My midwife catches it. “No more deep breathing, Hala,“ she says, “you have to bear down and push as hard as you can, and I need you to go here.” She points to the part of me that feels like it’s on fire. This was the part I was trying to avoid with my daydreams.

Crap, I think to myself. I know that if I don’t go there, to the most painful place in my body, I will not be able to get my baby out. I remember all that I’ve learned in my life about bypass and knew I was at a crossroads. If I didn’t go directly to the place that scared me the most, I would have complications and have to go to the hospital. I knew that going right into the fear would be the quickest way to get my baby. So I shut down the old survival mechanism, bore down, and in three pushes had my precious baby.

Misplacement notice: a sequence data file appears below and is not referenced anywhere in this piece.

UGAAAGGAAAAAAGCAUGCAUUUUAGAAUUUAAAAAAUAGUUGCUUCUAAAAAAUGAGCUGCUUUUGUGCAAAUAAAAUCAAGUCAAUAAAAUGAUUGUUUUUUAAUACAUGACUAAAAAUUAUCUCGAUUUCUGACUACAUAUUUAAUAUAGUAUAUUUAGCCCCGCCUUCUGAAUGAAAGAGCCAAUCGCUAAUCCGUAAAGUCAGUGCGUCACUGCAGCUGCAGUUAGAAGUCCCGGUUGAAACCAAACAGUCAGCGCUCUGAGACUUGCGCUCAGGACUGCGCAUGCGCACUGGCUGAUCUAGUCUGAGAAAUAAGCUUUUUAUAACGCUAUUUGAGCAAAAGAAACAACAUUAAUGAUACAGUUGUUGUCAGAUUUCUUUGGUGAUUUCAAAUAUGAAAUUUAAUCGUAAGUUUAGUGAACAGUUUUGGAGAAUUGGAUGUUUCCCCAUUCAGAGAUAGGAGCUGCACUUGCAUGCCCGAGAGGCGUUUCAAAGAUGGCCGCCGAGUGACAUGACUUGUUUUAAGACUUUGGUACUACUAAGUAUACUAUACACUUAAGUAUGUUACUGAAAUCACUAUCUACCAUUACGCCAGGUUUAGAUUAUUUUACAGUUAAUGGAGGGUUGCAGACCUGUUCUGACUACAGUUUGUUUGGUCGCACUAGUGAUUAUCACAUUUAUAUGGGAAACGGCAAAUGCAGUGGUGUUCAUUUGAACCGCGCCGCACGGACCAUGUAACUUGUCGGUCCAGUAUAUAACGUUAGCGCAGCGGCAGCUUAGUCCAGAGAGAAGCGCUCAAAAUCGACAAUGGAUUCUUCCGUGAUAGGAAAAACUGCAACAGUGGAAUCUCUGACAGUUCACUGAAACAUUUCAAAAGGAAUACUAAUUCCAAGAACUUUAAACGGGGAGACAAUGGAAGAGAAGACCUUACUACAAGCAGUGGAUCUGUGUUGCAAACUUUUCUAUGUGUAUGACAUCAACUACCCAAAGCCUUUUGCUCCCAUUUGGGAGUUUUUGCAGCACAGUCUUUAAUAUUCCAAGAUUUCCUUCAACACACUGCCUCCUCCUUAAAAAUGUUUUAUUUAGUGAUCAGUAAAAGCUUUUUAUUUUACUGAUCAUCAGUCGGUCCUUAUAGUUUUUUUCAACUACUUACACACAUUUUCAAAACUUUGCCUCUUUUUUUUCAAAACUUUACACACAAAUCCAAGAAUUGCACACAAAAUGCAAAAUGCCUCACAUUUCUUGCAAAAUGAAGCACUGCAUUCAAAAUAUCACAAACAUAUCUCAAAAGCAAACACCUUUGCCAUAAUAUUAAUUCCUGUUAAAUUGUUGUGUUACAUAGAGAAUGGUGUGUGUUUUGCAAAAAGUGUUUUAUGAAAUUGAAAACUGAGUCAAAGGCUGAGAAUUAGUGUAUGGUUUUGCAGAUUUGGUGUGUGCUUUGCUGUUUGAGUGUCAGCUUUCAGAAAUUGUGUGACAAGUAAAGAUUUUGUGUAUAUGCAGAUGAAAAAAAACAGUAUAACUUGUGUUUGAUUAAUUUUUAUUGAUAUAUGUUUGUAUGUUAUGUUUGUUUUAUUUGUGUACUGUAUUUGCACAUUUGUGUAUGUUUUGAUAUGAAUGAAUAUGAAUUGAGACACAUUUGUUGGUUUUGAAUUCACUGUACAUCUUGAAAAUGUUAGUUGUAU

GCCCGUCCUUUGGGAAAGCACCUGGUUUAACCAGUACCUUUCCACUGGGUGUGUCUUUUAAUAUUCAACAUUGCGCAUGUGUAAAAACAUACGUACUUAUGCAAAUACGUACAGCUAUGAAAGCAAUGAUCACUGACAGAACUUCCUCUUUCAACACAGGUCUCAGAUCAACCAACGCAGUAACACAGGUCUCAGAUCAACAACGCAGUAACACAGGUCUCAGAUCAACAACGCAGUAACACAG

Riding the Waves of Contractions

Bearing Down (the part I wanted to skip)

My Prize

The Lesson

Whenever we are birthing anything, we face death: death of who we were, death of old belief systems, death of old habits. It’s never easy, but when we avoid the pain, we avoid the joy and bliss as well. Embracing our shadow allows us to embrace life, vitality, joy, and happiness.

I think that many of us suffer because of the habits we have that keep us from feeling our deepest discomforts. Habits like drinking, drugs, overeating, numbing out with TV, co-dependent relationships, etc. Trying to avoid pain is at the root of all addiction. Yet the addiction has all these terrible side effects. The side effects seem to be more tolerable than the thing we’re avoiding; yet the more we avoid that monster all bound up in our closet, the bigger it becomes.